Let’s be honest! As lovely as it is to sip tea from a dainty cup in a garden, it’s not practical when you have to go on the road. Even in “covid days”, there are still appointments, and trips to the grocery store. In our caffeine-addicted world, we can’t seem to function without a vessel of some description in our hands.
For example, Sunday morning, I left the house at the painful hour of 7:30 (don’t judge me!) to set up for the Sunday morning service. I had a cup of tea with my morning oatmeal. And then I made a large piping hot fresh cup of S’mores Chai to take with me (I thought my sacrifice earned some morning liquid chocolate).
This vessel containing the sweet elixor to sustain us through our trying days, is often an extension of our wardrobe. It has to have form and function. And like your wardrobe, it’s subjective. Or if fashion isn’t your “thing”, think dating……whether you’re shopping for a cute skirt or looking for the perfect mate (maybe a cute one!), there are a few things to consider. If you’re careful, you might find love the first time. More than likely, you’ll encounter a few lemons first!
- Size – it matters! Consider when you are using it the most. If it’s to wet your whistle after grocery shopping (or bathroom facilites are scarce), you probably don’t need a 64 oz. mug! That’s the equivalent to a 2L bottle. I measured a few in our household that I think are around the average size and they are 32 oz, or 2 cups…or 2 1/3 cans of pop! The important thing is…is it big enough for you?
- Material – Travel mugs are usually made from aluminum, stainless steel, or plastic. Metal is the best insulator, hot or cold! While plastic is more affordable, lighter and usually dishwasher safe, there is a risk that plastics with BPA could leach into your beverage. Metals are durable and less likely to leach chemicals, but are heavier to carry. Frequently, metal travel mugs have better insulation and/or vaccuum-sealed options so your tea stays hot longer.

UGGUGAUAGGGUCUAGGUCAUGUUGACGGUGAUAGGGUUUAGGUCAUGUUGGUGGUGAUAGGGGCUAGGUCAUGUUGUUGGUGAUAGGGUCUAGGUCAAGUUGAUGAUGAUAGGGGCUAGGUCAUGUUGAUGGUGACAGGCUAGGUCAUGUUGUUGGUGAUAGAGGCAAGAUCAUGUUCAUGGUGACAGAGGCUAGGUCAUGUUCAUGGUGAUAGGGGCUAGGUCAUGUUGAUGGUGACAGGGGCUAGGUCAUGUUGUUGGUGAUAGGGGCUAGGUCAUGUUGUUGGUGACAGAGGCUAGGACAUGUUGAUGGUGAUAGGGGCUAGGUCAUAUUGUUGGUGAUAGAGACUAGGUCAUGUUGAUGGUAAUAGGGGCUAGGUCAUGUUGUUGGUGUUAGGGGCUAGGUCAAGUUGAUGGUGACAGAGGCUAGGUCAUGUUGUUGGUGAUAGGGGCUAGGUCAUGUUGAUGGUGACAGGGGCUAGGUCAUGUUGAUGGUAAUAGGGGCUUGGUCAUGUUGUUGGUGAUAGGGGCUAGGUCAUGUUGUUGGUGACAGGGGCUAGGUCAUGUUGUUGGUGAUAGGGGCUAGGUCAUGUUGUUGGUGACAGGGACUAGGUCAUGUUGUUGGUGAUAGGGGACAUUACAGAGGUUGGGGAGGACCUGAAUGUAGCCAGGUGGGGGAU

- Lids – they keep you from slopping in your seat (as a passenger – never drink and drive!) There are plenty of options. Snap on, screw on, and push on are probably the most spill-resistant and hands-off. Snap ons usually have a rubber rubber gasket or skirt which creates suction. Once it’s on, you have to exert force to get it off. Whereas push ons usually have some kind of button or tab with a locking mechanism, rather than a gasket. They can be more prone to breaking. Thermos or bottle caps, with or without a handles are another option but usually require 2 hands to open and that big opening can result in a super slosh. Been there – done that! Some thermos/bottle cap lids have a rubber tether so it stays with the mug. Bonus!
- Sipping Style – Thumb-slide, flip-top/push button or rotate lock gives you control over your gateway to comfort (a.k.a. as the honey hole). Most lids resemble those favoured by your local coffee shop, but there are some that have an added curve for funneling your slurps. Choose wisely.
- Handles – some like a handle, especially when you’re hands are full. Hook that sucker around one finger and you’re good to go. “No handle” simulates the take-out paper cups to which we’ve become accustomed, but too thick or too thin might be uncomfortable. Without a handle, make sure it’s insulated too – protect your fabulous fingers from scalding. If you are looking at handles, find one that feels comfortable in your hand. No one wants a handle that is too think, too thick, or too sharp!
- Personal Style – Once function is found, the sky is the limit! From simple stainless to intergalactic, iridescent tie-dye, there’s a little bit of something for everyone.
When you finally commit to a cup, take good care of it. It might be your companion on more than your adventures outside the doors of your home. Mine passed the day with me on Saturday during an online worship conference.
When you’re on the “go”, fill your “best mate” with what you most desire…
…try to ask nicely!